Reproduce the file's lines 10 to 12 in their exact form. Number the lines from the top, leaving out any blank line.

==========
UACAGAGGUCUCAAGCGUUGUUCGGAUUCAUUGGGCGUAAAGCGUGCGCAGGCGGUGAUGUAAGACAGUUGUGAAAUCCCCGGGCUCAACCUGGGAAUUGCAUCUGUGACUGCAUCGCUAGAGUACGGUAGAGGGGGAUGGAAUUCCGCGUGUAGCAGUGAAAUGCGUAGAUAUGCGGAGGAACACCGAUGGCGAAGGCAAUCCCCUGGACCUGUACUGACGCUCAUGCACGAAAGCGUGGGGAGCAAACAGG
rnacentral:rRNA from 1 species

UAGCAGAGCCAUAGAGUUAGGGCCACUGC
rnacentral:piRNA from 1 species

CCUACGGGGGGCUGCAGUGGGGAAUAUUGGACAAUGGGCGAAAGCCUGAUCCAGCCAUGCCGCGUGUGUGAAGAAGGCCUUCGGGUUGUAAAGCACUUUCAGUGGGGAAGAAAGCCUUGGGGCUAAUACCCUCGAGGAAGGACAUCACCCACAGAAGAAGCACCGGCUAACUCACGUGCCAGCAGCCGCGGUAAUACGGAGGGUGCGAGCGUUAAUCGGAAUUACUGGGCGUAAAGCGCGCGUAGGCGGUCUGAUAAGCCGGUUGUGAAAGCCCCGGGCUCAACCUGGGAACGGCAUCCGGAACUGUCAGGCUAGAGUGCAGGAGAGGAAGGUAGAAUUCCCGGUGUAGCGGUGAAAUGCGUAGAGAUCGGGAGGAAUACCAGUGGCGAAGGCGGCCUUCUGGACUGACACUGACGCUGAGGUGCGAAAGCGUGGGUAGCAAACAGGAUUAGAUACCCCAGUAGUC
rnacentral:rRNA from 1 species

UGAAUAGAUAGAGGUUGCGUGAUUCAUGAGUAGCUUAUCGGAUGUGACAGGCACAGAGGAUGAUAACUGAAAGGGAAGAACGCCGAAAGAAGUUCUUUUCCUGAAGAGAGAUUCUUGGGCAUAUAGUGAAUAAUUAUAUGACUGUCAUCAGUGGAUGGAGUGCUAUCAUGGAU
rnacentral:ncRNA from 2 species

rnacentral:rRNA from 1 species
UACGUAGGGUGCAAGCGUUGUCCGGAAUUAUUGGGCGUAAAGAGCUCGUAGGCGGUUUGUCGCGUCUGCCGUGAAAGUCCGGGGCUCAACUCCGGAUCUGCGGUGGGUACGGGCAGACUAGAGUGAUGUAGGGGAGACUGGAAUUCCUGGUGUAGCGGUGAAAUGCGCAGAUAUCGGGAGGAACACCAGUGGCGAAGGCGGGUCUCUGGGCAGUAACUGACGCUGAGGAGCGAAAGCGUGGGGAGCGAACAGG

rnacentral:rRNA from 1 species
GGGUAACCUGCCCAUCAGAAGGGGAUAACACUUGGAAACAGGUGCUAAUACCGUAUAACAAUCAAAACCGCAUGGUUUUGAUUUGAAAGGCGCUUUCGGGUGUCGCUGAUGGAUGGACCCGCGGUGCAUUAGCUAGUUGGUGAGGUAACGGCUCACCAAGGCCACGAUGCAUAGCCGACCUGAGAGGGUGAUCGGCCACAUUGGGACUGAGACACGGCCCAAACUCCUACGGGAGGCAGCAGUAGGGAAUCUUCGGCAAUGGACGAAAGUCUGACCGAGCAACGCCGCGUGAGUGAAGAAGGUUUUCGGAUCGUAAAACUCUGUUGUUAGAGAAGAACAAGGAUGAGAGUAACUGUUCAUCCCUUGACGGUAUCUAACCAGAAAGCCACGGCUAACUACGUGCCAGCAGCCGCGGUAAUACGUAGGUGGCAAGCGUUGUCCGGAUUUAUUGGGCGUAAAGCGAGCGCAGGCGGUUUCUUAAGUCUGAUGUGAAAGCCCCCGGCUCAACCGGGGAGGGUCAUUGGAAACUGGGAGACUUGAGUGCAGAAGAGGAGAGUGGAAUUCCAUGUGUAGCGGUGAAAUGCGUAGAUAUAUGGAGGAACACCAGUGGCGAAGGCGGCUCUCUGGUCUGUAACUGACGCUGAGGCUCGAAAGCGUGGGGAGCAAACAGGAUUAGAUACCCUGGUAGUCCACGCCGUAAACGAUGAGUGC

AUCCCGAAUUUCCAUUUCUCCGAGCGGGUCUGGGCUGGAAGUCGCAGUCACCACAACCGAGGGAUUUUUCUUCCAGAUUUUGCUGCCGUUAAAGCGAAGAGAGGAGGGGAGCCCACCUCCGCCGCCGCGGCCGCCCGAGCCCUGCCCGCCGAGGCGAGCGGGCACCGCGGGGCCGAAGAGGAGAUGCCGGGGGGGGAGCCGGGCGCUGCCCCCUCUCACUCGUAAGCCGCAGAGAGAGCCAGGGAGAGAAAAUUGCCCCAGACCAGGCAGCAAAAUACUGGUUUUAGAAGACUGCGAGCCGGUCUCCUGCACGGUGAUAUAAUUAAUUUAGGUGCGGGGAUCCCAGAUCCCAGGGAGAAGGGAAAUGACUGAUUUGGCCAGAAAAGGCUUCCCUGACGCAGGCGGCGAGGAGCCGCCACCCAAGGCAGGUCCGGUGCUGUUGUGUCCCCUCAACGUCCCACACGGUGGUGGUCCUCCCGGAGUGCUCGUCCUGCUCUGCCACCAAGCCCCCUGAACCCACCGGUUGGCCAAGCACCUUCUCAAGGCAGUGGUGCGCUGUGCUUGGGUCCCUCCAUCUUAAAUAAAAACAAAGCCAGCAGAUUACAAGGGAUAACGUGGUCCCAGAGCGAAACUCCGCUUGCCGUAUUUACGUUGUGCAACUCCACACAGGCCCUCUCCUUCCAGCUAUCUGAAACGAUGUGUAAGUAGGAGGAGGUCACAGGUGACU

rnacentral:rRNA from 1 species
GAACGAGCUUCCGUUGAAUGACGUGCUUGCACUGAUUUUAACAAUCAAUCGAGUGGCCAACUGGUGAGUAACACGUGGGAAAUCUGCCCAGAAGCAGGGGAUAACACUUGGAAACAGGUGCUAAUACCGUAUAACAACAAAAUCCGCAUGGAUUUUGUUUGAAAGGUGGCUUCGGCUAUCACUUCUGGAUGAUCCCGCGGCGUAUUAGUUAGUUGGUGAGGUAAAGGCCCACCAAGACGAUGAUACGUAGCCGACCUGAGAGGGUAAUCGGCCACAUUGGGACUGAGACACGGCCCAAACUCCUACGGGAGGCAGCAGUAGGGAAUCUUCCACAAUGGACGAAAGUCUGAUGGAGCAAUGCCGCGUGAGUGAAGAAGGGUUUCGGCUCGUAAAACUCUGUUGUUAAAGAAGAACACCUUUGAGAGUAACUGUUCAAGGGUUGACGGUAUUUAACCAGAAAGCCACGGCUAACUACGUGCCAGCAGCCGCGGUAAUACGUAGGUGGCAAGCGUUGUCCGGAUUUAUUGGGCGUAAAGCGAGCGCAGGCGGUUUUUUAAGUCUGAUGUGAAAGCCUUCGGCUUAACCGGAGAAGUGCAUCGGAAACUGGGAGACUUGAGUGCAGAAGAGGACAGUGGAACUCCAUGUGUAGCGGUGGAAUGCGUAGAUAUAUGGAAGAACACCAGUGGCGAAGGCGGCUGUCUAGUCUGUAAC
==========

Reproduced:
UACGUAGGGUGCAAGCGUUGUCCGGAAUUAUUGGGCGUAAAGAGCUCGUAGGCGGUUUGUCGCGUCUGCCGUGAAAGUCCGGGGCUCAACUCCGGAUCUGCGGUGGGUACGGGCAGACUAGAGUGAUGUAGGGGAGACUGGAAUUCCUGGUGUAGCGGUGAAAUGCGCAGAUAUCGGGAGGAACACCAGUGGCGAAGGCGGGUCUCUGGGCAGUAACUGACGCUGAGGAGCGAAAGCGUGGGGAGCGAACAGG

rnacentral:rRNA from 1 species
GGGUAACCUGCCCAUCAGAAGGGGAUAACACUUGGAAACAGGUGCUAAUACCGUAUAACAAUCAAAACCGCAUGGUUUUGAUUUGAAAGGCGCUUUCGGGUGUCGCUGAUGGAUGGACCCGCGGUGCAUUAGCUAGUUGGUGAGGUAACGGCUCACCAAGGCCACGAUGCAUAGCCGACCUGAGAGGGUGAUCGGCCACAUUGGGACUGAGACACGGCCCAAACUCCUACGGGAGGCAGCAGUAGGGAAUCUUCGGCAAUGGACGAAAGUCUGACCGAGCAACGCCGCGUGAGUGAAGAAGGUUUUCGGAUCGUAAAACUCUGUUGUUAGAGAAGAACAAGGAUGAGAGUAACUGUUCAUCCCUUGACGGUAUCUAACCAGAAAGCCACGGCUAACUACGUGCCAGCAGCCGCGGUAAUACGUAGGUGGCAAGCGUUGUCCGGAUUUAUUGGGCGUAAAGCGAGCGCAGGCGGUUUCUUAAGUCUGAUGUGAAAGCCCCCGGCUCAACCGGGGAGGGUCAUUGGAAACUGGGAGACUUGAGUGCAGAAGAGGAGAGUGGAAUUCCAUGUGUAGCGGUGAAAUGCGUAGAUAUAUGGAGGAACACCAGUGGCGAAGGCGGCUCUCUGGUCUGUAACUGACGCUGAGGCUCGAAAGCGUGGGGAGCAAACAGGAUUAGAUACCCUGGUAGUCCACGCCGUAAACGAUGAGUGC